EDITORIAL. At the Danish Film Institute from time to time we consider introducing a reverse audience award, that is, an award to the audience. The award would go to the movie audience that has the curiosity, courage and energy to seek out challenging movie experiences. An audience of people ready to take a chance and dig deep into their pockets without knowing exactly where the film will take them: perhaps it's a film with unknown actors, from an unknown place, telling stories in other images and other voices than we are used to seeing and hearing. That audience exists and deserves to be honoured.
It’s one of the most defining moments in Danish history, a drama that has everything. Many filmmakers have dreamed of putting it on screen, but as Nikolaj Arcel found out, telling the story of mad King Christian VII, his young English wife and the German doctor Struensee is not simple. Per Juul Carlsen spoke with the director of "A Royal Affair", in competition in Berlin.
Mads Mikkelsen has shown enormous versatility in his 16 years as a screen actor. Running the gamut from Viking warrior to Enlightenment man and World War II resistance fighter, from genius composer in Paris and pusher in Copenhagen to NGO worker in Africa, even Bond villain, Mikkelsen’s face can carry it all.
PROFILE. "You’re not good looking. You have an interesting face." Stellan Skarsgård spoke these words to Mads Mikkelsen, who plays the lead in Thomas Vinterberg's Cannes competitor "The Hunt", at the 2011 European Film Awards in Berlin. We've handpicked a few films that show proof of the Danish actor's versatility.
Simon Staho asked Danish critics not to review his new film "Love Is in the Air", because he thought they were too old to get it. Now in the youth competition at Berlin, the film is a riotous teen musical bubbling over with pop and rainbow colours about four young people who journey into the night in search of their sexual identities. Kim Skotte paints a portrait of an uncompromising Danish auteur who is not so easy to pin down.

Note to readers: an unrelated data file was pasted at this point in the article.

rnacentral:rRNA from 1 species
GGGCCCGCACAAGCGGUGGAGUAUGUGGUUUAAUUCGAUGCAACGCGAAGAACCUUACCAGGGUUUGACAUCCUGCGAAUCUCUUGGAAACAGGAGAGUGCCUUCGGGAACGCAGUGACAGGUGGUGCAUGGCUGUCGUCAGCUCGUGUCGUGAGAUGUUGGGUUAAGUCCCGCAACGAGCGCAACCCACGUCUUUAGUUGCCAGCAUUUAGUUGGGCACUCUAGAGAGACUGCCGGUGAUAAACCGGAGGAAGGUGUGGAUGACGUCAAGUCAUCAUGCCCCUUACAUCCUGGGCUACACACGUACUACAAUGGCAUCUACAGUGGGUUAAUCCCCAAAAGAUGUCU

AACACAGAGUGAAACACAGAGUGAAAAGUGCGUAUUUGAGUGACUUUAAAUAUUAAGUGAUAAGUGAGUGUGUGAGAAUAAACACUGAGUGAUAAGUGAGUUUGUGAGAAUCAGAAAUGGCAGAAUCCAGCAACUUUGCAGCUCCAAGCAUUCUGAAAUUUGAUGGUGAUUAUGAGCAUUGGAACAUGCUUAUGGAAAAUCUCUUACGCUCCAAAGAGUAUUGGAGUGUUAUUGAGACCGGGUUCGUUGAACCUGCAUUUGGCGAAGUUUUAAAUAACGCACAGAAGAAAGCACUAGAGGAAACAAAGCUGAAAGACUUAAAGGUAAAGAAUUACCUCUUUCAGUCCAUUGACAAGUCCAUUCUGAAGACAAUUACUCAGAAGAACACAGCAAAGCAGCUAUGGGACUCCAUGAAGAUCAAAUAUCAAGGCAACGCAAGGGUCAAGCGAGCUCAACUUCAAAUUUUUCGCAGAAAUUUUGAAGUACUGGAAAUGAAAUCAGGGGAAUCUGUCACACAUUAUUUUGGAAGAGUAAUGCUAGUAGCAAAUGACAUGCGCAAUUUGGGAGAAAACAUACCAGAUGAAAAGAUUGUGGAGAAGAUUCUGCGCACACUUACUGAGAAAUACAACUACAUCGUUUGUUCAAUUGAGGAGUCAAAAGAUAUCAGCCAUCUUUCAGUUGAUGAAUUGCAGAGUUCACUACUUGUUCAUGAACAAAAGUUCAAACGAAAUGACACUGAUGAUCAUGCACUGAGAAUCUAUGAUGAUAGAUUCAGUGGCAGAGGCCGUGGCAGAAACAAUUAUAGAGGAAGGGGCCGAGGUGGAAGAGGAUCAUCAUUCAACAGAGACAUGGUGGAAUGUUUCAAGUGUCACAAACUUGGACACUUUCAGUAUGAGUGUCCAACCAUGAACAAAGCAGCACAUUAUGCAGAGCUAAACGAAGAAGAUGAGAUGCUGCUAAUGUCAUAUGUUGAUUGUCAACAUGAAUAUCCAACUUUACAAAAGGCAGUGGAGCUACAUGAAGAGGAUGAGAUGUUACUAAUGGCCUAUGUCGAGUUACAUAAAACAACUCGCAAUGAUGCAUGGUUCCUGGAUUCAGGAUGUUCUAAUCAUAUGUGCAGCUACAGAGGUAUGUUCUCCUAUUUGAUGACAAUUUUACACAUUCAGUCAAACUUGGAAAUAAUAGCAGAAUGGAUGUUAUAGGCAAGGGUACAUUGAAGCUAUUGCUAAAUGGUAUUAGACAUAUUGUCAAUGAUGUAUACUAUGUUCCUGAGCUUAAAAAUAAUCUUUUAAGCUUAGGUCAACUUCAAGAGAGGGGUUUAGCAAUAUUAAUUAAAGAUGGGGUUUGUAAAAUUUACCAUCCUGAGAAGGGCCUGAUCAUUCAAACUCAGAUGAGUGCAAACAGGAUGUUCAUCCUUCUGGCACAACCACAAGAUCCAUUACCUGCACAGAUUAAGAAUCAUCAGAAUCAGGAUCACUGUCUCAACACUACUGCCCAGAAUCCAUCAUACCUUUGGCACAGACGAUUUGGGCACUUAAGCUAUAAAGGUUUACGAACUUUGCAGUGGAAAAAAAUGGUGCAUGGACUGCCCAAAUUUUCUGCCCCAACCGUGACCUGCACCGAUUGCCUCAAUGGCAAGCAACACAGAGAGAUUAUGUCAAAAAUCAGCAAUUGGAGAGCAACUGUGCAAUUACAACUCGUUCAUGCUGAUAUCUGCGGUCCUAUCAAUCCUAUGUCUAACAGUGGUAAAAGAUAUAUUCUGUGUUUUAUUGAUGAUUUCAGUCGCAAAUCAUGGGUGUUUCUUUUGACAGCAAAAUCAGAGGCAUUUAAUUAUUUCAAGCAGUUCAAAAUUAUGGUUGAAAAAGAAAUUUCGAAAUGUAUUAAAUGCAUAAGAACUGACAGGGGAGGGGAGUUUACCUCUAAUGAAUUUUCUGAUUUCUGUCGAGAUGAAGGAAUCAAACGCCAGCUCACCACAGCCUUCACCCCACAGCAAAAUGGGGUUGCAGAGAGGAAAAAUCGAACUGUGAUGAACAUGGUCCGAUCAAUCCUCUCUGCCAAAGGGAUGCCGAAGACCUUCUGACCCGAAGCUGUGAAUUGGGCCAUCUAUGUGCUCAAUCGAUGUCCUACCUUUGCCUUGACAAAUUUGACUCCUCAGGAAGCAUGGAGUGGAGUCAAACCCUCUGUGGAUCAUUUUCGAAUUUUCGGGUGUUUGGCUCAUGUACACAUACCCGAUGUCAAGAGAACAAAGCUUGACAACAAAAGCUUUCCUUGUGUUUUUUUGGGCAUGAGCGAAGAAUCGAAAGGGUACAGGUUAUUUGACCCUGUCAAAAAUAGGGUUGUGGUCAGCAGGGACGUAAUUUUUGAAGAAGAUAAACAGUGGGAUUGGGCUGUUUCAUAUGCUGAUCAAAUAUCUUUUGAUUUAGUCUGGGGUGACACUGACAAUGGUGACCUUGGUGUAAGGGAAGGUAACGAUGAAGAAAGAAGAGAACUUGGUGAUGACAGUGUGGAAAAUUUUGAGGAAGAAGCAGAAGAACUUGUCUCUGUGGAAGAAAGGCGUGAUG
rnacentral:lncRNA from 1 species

Bille August is currently putting the finishing touches on his first Danish-produced film in 25 years. And a film based on a real slice of Danish history at that. But "Marie Krøyer" is first and foremost the story of a strong woman and her ill-fated marriage to the mercurial painter P.S. Krøyer.
Three years after the phenomenal international success of Niels Arden Oplev’s "The Girl with the Dragon Tattoo", Danish and Nordic films are still very much on world buyers’ priority lists. The surge of distribution platforms combined with the current hype on Nordic genre films and directors like Nicolas Winding Refn, Susanne Bier and Lars von Trier have spurred a buying spree on commercially viable Nordic content, re-focusing the market on pre-sales.
Seeing a theatre full of Canadians howling with laughter at the Danish comedy "Superclásico" or a crowd of Muslim girls in Zanzibar having a wildly animated discussion about authorities after watching Niels Arden Oplev’s "We Shall Overcome" – these are some of the great moments experienced by the people who work with Danish films in the international arena.
DIALOGUE ACROSS BORDERS. Steffen Andersen Møller, Head of Audience & Promotion, likes to point out that the Danish Film Act is there to support art. In practice, however, the DFI, with its subsidy system and independent activities, operates in the intersection between art and the market, an intersection with tremendous dynamism and potential, Andersen-Møller says.
DIALOGUE ACROSS BORDERS. Brazil, Canada, South Africa, England, Tanzania and now Uganda. For years the Danish Film Institute has been behind major cultural exchange projects around the world, and Charlotte Giese has been involved in most of them. Time and again, she is blown away by the ability of cinema to foster dialogue.
DIALOGUE ACROSS BORDERS. "It’s not enough that Denmark has a strong storytelling tradition and loads of creative filmmakers," Noemi Ferrer Schwenk says. "We also have to make sure that filmmakers can always stay up to speed on what’s going on elsewhere to be among the best." DFI’s International Producer is gearing up the Danish film industry for an even more dedicated international effort in the future.
"We aim to show some of the aspects of Danish cinema that we are most proud of," Christian Juhl Lemche, project leader of the film activities during the EU presidency, says.
Mette Damgaard-Sørensen, principal of the European Film College in Ebeltoft, is visiting the Berlinale with all 115 of her students. Director of Berlin contender "A Royal Affair", Nikolaj Arcel, is among the former students at the school in Ebeltoft which builds on the Danish Folk High School tradition.
IN PRODUCTION. Annette K. Olesen won a Blue Angel in Berlin for her first feature, "Minor Mishaps", in 2002. Recently she directed several episodes of "Borgen", which has become a huge hit in the UK and several other countries. Olesen is now at work on her fifth feature "The Shooter".